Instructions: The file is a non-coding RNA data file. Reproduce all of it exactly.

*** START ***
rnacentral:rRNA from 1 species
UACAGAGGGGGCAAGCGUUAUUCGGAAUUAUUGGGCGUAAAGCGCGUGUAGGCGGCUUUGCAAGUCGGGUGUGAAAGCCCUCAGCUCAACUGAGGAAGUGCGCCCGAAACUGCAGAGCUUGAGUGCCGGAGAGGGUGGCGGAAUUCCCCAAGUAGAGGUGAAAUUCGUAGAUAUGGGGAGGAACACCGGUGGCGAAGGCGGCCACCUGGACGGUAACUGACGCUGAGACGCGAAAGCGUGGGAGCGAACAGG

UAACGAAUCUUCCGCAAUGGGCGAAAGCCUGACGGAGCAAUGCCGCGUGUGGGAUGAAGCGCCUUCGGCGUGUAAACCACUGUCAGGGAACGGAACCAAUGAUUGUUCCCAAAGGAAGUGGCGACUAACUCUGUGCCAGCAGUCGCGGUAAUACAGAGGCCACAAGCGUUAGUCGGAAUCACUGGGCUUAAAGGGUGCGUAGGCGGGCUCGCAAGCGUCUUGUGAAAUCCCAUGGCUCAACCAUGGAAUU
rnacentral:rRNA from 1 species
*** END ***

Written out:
rnacentral:rRNA from 1 species
UACAGAGGGGGCAAGCGUUAUUCGGAAUUAUUGGGCGUAAAGCGCGUGUAGGCGGCUUUGCAAGUCGGGUGUGAAAGCCCUCAGCUCAACUGAGGAAGUGCGCCCGAAACUGCAGAGCUUGAGUGCCGGAGAGGGUGGCGGAAUUCCCCAAGUAGAGGUGAAAUUCGUAGAUAUGGGGAGGAACACCGGUGGCGAAGGCGGCCACCUGGACGGUAACUGACGCUGAGACGCGAAAGCGUGGGAGCGAACAGG

UAACGAAUCUUCCGCAAUGGGCGAAAGCCUGACGGAGCAAUGCCGCGUGUGGGAUGAAGCGCCUUCGGCGUGUAAACCACUGUCAGGGAACGGAACCAAUGAUUGUUCCCAAAGGAAGUGGCGACUAACUCUGUGCCAGCAGUCGCGGUAAUACAGAGGCCACAAGCGUUAGUCGGAAUCACUGGGCUUAAAGGGUGCGUAGGCGGGCUCGCAAGCGUCUUGUGAAAUCCCAUGGCUCAACCAUGGAAUU
rnacentral:rRNA from 1 species